My favorite books about cults…(D)

I have always been intrigued by cults. I  have an anti-cult personality, if you will, but I do find the psychology of it all fascinating. Groupthink, a charismatic leader, martyrdom for a cause etc… I was recently rereading the novel Survivor by Chuck Palahniuk  and decided to make a list of my 5 favorite books about cults (in no particular order). Fiction and Non-Fiction cult books are listed here so if you find cults as interesting as I do, then you should pick up any of these books! Obviously I haven’t read all books about cults so if you have suggestions I am always open to them…

 

1. Survivor by Chuck Palahniuk

survivor-chuck-palahniuk-audio-cover-art

 

Survivor is arguably one of Palahniuk’s best novels though I am sure many will scoff at that declaration. I think its safe to say his more recent work has lost some of the edge and abstruse plot angles that made his first 5 novels so lauded. Picking your favorite of those novels would be likes picking you favorite Wu Tang song or Michael Jordan dunk, it’s going to change day-to-day and they are all really your favorites. Anyways, the Creedish Church it one of my favorite cults in literature. If you haven’t read the book, the Creedish are similar to the Amish but they eventually sell every child after the first-born into slavery to rich people.

 

2. Last Days by Brian Evenson

Last Days

Much of Evenson’s work seems to be grappling with the idea of religion and the thin line between belief and cult. Evenson is an ex-communicated Mormon who was  fired from BYU because the school/church/cult decided his  first book was too violent and gave him the ultimatum to proceed with publishing it and be fired or keep his job as an english professor. Thank Buddah he chose to publish and continue writing fiction. Last Days is one of his most disturbing and graphic novels and its about a crazy ass cult, so you know I liked it! I will call the cult in this book  The Brotherhood of Mutilation, because that is the name of the original story Last Days stemmed from. The Brotherhood centers around an interpretation of a bible verse about how self amputation brings you closer to god. Therefore this cult of people slowly amputate appendages or have others amputate appendages because they believe it brings them closer to God. There is way more to the cult and also to the story which is a hard-boiled noir detective novel on top of everything else but I don’t want to give anything away. Just read the book and thank me later.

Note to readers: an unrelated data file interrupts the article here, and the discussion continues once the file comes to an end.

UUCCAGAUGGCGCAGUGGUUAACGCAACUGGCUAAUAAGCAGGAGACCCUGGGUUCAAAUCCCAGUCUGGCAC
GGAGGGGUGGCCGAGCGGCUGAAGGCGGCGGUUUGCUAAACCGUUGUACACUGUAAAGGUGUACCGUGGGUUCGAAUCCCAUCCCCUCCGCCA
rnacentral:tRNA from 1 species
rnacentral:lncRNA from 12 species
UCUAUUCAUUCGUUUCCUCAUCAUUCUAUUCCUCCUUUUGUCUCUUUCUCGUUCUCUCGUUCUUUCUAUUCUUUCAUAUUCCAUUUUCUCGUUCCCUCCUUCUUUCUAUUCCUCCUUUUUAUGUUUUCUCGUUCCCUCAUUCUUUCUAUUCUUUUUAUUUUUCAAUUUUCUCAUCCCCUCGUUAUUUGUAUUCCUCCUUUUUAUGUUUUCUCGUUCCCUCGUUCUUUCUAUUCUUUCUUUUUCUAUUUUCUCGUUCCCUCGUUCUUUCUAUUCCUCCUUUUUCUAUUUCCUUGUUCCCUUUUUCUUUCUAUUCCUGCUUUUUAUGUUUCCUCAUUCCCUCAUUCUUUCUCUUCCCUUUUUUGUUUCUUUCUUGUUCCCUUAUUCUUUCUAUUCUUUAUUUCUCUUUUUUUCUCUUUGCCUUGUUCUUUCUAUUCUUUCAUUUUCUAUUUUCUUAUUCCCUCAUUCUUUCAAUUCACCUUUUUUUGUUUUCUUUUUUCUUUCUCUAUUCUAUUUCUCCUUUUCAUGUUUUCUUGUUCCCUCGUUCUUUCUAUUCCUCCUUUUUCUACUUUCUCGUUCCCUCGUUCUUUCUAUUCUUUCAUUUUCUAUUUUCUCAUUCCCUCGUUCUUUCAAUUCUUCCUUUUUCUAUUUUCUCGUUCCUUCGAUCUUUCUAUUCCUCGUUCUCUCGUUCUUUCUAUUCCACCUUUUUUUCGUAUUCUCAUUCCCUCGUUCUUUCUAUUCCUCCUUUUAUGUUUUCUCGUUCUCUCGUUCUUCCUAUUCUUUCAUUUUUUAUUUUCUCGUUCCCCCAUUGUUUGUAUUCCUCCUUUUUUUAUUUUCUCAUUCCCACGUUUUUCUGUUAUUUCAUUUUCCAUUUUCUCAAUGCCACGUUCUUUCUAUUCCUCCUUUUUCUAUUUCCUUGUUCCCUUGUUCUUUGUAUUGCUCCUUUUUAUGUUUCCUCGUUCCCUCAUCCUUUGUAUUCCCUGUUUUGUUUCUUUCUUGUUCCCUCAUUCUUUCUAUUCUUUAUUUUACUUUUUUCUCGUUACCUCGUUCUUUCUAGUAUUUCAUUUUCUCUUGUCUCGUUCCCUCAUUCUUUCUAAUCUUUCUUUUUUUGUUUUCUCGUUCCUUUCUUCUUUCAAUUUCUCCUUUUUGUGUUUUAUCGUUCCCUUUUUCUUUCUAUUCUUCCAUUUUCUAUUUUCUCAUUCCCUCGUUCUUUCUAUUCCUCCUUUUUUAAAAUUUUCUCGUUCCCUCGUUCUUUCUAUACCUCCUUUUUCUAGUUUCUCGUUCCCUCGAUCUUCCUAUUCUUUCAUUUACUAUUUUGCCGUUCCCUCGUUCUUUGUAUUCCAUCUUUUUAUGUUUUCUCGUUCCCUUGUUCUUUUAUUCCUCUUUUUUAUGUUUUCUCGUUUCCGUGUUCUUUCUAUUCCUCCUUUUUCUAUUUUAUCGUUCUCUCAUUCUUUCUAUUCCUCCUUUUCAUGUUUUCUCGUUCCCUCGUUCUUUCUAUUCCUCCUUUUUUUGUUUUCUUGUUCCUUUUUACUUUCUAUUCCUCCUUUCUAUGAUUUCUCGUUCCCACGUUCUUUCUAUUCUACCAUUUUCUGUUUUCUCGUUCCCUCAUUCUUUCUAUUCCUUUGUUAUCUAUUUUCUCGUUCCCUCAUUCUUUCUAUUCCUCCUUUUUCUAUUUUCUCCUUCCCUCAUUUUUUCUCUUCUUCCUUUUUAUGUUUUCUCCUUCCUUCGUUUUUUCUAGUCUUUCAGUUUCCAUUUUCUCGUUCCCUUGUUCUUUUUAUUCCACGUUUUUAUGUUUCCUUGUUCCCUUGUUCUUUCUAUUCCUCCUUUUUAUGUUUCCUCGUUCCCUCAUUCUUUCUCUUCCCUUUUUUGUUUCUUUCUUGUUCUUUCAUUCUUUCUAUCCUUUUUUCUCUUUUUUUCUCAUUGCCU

3. Geek Love by Katherine Dunn

Geek

The words classic and masterpiece have obviously been cheapened in the age of the internet so I will not use them to describe this book. I will just say if you love fiction and you read this book but don’t like it, something is wrong with you. The Auturans are the featured cult in this book. Geek Love is the beautifully unsettling story of a family that own a traveling carnival. Due to fetal manipulation with various toxins and substances the children of this family are made to be “freaks” so they can take part in the carnival. Auturo the Aquaboy is the oldest son who happens to have flippers for limbs. He is also pretty crafty and eventually creates a following of people who see him as a God and begin to augment their bodies to become more like him. The best part about this cult is it’s just about Auturo’s megalomania and nothing else. He just creates this following because he can but it comes to a horrible end.

 

4. Underground by Haruki Murakami

murakami-underground-cover

I don’t really remember anything about the sarin gas attacks on the Tokyo subway system in 1995 perpetrated by Aum Shinriyko except for some images on TV of people running out of the subway and crowded hospitals where tons of Japanese people are coughing and wearing face masks. Haruki Murakami’s Underground is essentially a compilation of interviews that read like a novel. The way they are pasted together form this narrative where you feel like you were on the train yourself. The most important thing about this book, and also the most controversial, is the fact that he actually interviews the cult members themselves. Murakami spent a lot of time defending himself to the Japanese media for allowing the members of Aum to share their side of the story in an unbiased form. Murakami’s bravery in the respect leads to some incredible insight into the mind of people of participate in cults and also what happens to those people once the cults are broken up? Can they integrate back into society?’

 

5. Cults, Conspiracies, and Secret Societies: The Straight Scoop on Free Masons, The Illuminati, Skull and Bones, Black Helicopters, The New World Order, and many many more by Arthur Goldwag

cultsconspirsecorg

I mean come on the title says it all! Goldwag is the foremost expert on all things conspiracy and cultish. He also keeps a close watchful eye on hate groups. His book The New Hate is a mind-blowing historical account of how right-wing culture became so powerful in our country especially in more recent years. This is just a really fucking interesting book…That is all!

 

One thought on “My favorite books about cults…(D)

  1. Pingback: Well this is flattering | Arthur Goldwag

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